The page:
Five Reasons Why the Left Should Care About Russiagate

Five Reasons Why the Left Should Care About Russiagate

Putin and Trump are cast in the same reactionary, nationalist mold, and their alliance ought to concern anyone who cares about democracy.

U.S.-Russian lunch in Helsinki, July 16

Many leftists regard the scandal that Donald Trump calls a “witch hunt” as a distraction from the real issues that confront the United States and the rest of the world: poverty, racism, climate change, exploitation, immigration, and more. Others argue that renewed hostility toward Russia could provoke a new Cold War at a time when Putin’s government is a crucial player in international conflicts like Syria, where millions have either died or fled. Still others contend that the United States has intervened in elections in other nations too. And some on the left simply point to polls that show that “Russiagate,” obsessed over by the pundits on MSNBC and CNN, actually concerns only a small minority of voters.

Here are five reasons why we should care—and, perhaps, how we might persuade others to care too.

  1. Russian hackers, under the command of their government, produced a slew of negative stories about Hillary Clinton’s 2016 campaign. We will never know if those stories switched enough popular votes (fewer than 80,000) to swing the critical three states that usually vote Democratic (Wisconsin, Michigan, and Pennsylvania) to Trump. But the question ought to concern anyone who truly cares about an open and honest electoral process, which Republicans have long been subverting in mostly legal ways. Yes, Clinton was a wretched candidate who ran an atrocious campaign. But, absent Russian subversion, she may well have won.
  1. Of course, U.S. officials have financed parties in other nations (Japan and Italy after the Second World War) and helped overthrow elected ones whose politics they didn’t like (Iran, Guatemala, Congo, Chile, and others). Those past transgressions should make us all the more determined to find out how the Russians sought to sabotage our election—and support and publicize the work of Robert Mueller and his team of prosecutors. Immoral equivalence demands a moral response, not a cynical shrug.
  1. Putin’s government is the most prominent and powerful member of a growing coalition of reactionary nationalist regimes in Europe (and elsewhere, like Turkey and the Philippines). They strongly oppose values that the democratic left holds dear: civil liberties, cultural and religious pluralism, an open door to refugees, international pacts to combat climate change, and a welfare state. Under Putin, Russia has helped finance the National Front in France and possibly the Brexit campaign in the United Kingdom—and endorsed the right-wing governments in Hungary and Austria and now Italy, which is anchored by a virulently anti-immigrant party.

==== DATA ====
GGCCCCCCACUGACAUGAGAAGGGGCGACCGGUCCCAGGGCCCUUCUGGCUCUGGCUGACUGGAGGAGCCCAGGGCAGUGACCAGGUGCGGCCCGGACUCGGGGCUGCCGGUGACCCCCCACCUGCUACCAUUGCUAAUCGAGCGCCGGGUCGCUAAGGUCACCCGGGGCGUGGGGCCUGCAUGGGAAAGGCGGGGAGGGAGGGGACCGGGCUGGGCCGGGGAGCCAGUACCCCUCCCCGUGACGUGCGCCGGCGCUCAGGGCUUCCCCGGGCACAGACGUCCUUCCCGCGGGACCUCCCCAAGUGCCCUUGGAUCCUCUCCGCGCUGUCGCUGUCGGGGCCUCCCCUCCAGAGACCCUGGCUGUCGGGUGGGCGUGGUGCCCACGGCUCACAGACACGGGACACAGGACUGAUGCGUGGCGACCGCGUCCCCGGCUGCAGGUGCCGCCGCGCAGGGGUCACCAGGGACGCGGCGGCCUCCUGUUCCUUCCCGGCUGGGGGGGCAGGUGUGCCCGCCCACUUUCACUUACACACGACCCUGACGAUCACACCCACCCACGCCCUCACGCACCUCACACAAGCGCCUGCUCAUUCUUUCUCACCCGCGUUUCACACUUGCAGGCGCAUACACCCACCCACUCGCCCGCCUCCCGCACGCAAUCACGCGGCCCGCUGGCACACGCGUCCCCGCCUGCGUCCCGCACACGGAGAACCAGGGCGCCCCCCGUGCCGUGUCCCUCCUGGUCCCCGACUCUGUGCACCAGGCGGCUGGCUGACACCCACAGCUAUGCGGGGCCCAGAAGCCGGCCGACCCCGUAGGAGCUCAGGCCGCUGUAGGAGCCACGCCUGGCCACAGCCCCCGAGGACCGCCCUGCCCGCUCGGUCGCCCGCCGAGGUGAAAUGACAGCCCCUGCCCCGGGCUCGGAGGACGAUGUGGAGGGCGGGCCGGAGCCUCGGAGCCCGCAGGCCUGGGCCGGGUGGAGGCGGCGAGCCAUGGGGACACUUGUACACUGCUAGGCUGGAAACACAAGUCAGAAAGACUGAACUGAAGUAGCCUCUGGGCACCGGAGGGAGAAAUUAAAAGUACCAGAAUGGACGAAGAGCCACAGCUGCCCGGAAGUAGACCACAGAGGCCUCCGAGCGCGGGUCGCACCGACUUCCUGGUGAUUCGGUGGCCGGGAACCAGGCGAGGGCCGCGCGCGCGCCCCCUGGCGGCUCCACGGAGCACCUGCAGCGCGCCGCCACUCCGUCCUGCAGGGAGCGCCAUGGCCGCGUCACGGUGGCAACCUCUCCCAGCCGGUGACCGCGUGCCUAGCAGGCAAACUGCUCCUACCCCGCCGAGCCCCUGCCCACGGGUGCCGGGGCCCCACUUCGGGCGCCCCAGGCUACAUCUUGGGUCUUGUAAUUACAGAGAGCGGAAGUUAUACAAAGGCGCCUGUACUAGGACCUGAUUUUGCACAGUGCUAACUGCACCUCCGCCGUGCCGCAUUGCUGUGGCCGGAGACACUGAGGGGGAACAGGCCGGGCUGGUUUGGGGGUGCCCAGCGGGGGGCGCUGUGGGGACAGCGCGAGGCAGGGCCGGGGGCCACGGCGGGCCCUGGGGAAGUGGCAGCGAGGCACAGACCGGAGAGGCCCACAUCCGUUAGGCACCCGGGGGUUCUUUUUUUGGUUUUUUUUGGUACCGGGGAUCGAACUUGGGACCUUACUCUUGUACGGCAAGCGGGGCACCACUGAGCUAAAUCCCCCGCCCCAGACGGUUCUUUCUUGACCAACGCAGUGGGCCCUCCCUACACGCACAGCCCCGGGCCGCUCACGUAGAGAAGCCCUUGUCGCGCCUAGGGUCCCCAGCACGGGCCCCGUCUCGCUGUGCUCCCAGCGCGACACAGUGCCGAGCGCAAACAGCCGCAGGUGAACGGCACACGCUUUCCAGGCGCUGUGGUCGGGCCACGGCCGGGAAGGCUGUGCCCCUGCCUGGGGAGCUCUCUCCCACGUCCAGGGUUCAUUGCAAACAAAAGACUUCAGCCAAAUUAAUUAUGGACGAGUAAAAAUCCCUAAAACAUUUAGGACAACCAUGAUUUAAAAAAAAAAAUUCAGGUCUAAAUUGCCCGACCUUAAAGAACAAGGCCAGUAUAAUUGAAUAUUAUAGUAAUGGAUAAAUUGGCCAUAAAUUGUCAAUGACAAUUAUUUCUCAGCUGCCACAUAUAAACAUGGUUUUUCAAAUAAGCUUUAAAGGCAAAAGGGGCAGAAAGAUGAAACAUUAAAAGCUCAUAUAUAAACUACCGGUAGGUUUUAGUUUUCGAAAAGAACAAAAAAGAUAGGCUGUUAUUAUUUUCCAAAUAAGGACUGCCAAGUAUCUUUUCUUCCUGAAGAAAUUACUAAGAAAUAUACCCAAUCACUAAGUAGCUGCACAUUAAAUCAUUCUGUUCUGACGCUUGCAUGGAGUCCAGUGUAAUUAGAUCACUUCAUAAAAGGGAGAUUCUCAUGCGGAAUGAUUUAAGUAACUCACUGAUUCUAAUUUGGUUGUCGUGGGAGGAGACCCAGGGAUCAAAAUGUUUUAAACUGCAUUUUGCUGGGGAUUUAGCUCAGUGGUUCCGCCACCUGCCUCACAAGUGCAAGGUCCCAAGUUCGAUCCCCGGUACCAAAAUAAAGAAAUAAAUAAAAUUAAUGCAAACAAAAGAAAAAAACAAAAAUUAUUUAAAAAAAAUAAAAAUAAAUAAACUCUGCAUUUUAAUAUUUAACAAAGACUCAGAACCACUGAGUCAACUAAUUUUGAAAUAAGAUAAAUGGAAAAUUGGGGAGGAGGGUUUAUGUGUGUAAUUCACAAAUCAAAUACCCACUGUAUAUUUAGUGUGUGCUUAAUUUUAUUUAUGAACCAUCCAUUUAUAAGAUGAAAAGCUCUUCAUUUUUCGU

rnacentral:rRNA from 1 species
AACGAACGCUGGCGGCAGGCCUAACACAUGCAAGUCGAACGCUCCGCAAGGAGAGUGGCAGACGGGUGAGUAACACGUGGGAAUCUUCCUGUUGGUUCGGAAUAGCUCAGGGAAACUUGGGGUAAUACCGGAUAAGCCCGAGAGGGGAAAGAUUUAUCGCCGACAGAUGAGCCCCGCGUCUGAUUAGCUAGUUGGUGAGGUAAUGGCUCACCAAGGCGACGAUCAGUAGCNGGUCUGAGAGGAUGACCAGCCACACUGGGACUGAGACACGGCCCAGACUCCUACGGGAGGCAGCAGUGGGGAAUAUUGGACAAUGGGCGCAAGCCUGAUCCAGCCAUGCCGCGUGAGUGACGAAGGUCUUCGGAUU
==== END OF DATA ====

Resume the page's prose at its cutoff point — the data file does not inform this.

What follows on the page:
A more competent, less compromised president than Trump might find ways to work with Putin’s government to advance humanitarian ends. But no leftist should trust the Russian leader’s words or deeds. Putin aided Trump’s campaign not just because he viewed Hillary Clinton as an adversary; he and the president share the same abhorrent world view.

  1. Trump has attacked the existence and credibility of the Russia investigation from the start, even though a Republican deputy attorney general initiated and oversees it. The president is clearly obstructing a process enacted to punish chief executives who break the law. Untrammeled presidents led the nation into the bloody debacle in Indochina and the disastrous invasion of Iraq. In 1974, Richard Nixon resigned after he was caught on tape plotting the obstruction of the Watergate investigation. We condemn lawless tyrants in other nations; we should be even more alarmed when we have one in the White House.
  1. The Republicans who control Congress continue to support and praise Trump—and attack the Mueller investigation—because they need him to enact all the terrible changes they want to make in the nation, from degrading the environment to destroying unions and outlawing abortion. If he were compelled to leave office in disgrace, Mike Pence, Trump’s most unctuous and faithful lackey, would find it difficult, if not impossible, to hold a fractured party together.

As David Klion writes in the Nation: “Russiagate isn’t just the narrow story of a few corrupt officials. It isn’t even the story of a corrupt president. It’s the story of a corrupt political party, the one currently holding all the levers of power in Washington.”

To uncover proof of Trump’s misdeeds would throw this corrupt party on the defensive and potentially destroy its chances of holding the House, perhaps the Senate, and the presidency. And as long as Republicans run the government, it will be impossible to advance the goal of creating the kind of society we care about.

Michael Kazin is co-editor of Dissent.